The disc rounds up the list with ten bonus tracks -- but don't get too excited. They're all the original 8-bit versions of ones arranged here. You can have them all on Suleputer's now-I-can-finally-die-in-peace three-disc complete boxset of the original tunes released back in 2003.

Shortly after, Techno Arrange Ver. reared itself.

Here's a brilliant composer whose career and diversity in arranging talent was built upon the vast Namco sound history including the hyper-sampled Ridge Racer, later the fusion-edged Street Fighter EX series and simply far too many games to mention and his work with the first six Rockman titles' is nothing short of painful mediocrity. Did you hear Rockman EXE Transmission (Mega Man Network Transmission)? I thought that might influence him here a bit -- a smooth electronica. Nothing of it here. Instead, the techno used on the album is more of his classic, foundation material -- not bad, but not satisfactory by any means.

Still, Hosoe exhibits his mastery in the field of techno -- though not to the best of his abilities here. The tracklist is what it is -- like the Rock Arrange, Hosoe likely chose a bunch of tunes that would be ideal for a techno arrange -- and he chose well. Again, there's too much material left aside, and the creativity train has no steam. Though my musical umbrella is spacious enough for a plethora of genres, these are tried and true techno mixes -- like the rock ones, you won't find any surprises here.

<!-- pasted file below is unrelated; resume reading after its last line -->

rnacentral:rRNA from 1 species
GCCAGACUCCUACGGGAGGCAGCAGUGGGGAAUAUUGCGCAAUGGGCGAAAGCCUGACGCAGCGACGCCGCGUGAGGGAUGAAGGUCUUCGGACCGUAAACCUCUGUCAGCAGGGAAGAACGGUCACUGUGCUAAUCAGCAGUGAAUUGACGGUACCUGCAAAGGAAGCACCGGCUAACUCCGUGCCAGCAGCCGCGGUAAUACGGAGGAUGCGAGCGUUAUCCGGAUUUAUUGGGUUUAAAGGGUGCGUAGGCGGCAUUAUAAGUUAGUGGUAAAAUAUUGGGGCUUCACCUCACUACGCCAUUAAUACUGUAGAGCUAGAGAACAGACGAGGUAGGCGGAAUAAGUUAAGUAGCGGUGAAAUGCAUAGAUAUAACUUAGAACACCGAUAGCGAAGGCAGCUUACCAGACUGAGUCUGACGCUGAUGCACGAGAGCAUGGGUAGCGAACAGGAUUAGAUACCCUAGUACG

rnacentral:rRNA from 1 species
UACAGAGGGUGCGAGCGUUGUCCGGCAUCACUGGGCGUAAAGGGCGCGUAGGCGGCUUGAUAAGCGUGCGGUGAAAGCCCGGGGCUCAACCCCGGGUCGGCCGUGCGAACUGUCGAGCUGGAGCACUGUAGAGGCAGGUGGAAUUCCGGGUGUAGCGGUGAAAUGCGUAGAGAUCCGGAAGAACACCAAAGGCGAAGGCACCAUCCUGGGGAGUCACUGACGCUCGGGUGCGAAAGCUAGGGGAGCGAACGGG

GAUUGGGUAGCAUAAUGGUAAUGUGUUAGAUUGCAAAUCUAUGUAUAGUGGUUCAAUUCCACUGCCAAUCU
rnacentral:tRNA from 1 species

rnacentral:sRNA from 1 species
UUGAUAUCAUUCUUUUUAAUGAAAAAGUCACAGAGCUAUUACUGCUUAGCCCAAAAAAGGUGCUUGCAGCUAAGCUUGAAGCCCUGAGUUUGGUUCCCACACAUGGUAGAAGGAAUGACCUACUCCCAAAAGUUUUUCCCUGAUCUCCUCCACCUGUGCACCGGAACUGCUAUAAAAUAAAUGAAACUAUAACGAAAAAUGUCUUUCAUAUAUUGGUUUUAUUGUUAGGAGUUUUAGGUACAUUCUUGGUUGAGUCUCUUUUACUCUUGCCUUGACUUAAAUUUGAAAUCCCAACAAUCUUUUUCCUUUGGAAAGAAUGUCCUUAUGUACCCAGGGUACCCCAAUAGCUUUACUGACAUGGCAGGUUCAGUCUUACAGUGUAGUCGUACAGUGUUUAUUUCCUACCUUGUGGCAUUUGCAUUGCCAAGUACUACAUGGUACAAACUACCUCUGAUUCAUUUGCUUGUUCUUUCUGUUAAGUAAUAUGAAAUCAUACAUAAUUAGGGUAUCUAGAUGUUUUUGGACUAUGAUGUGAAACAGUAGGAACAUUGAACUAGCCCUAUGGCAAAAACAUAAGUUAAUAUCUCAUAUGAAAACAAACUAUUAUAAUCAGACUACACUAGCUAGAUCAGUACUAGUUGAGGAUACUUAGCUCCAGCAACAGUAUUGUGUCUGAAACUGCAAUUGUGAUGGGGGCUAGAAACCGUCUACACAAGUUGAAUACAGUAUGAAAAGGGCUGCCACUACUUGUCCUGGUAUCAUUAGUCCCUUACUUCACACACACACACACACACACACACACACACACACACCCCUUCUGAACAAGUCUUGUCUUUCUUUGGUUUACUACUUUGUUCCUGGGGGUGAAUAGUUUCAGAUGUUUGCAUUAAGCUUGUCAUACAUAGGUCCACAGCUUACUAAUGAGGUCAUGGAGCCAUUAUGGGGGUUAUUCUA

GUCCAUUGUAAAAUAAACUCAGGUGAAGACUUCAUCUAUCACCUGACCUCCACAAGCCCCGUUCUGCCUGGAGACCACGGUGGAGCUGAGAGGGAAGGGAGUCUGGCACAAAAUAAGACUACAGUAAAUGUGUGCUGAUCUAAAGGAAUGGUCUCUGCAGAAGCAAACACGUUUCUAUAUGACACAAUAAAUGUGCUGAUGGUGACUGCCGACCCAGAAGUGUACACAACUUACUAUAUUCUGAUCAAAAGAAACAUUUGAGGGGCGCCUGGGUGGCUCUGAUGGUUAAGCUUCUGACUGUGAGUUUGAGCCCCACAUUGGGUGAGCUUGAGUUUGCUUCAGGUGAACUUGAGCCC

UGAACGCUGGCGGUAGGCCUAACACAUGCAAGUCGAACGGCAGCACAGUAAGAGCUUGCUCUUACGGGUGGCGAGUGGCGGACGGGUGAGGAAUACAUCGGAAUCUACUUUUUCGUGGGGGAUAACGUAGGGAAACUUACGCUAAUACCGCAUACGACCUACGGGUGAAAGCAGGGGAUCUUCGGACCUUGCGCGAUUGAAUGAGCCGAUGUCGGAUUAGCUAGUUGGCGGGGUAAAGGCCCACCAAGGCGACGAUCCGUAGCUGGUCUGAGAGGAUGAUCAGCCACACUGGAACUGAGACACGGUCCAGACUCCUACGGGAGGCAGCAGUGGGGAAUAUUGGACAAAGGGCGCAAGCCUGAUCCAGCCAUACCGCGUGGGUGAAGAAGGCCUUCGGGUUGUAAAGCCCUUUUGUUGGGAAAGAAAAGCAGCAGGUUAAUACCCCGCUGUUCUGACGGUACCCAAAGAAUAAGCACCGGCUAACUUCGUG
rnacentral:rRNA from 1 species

Though I know Dr. Wily 1 (Rockman 2) is a sensation across the world (a BA song, yes, appearently, they're nuts for it in Japan too), I'll take the rock version over this raver edition. Snakeman might take you back to racing 170 kph on a the highways of a Rave Racer, especially with the voice samplings. Quickman takes a while to warm up, Magnetman is just too slow and Dr. Wily 2 (Rockman 4) misses out. Starman can't help feeling off-sound, which disappointed the most after expecting something as funky as the aforementioned Complete Works version. And poor Rockman 6, again for the shaft. Who picked this? Flameman? Oof.

Oh, and they put Dr. Wi -- I mean "Mr. X". Aside from the contrast to the Rock Ver. cover, there's no such Mr. X Stage Arrange here.

We're glad Rockman got some official recognition for its 20th on the arranged music front, but both albums had high standards to live up to -- and both have failed to meet them. Both albums were handled like late-term projects, feeling rushed, soulless and underproduced. To reiterate, both are not horrible, but the lackluster production values halt both albums tremendously.

But there's still time to pull out all the (guitar) strings for the forthcoming 25th...





All scores are graded on a scale of 1~10 (1 / Worst, 10 / Best).

Here samples on YouTube, Buy Them at CDJapan or Play-Asia.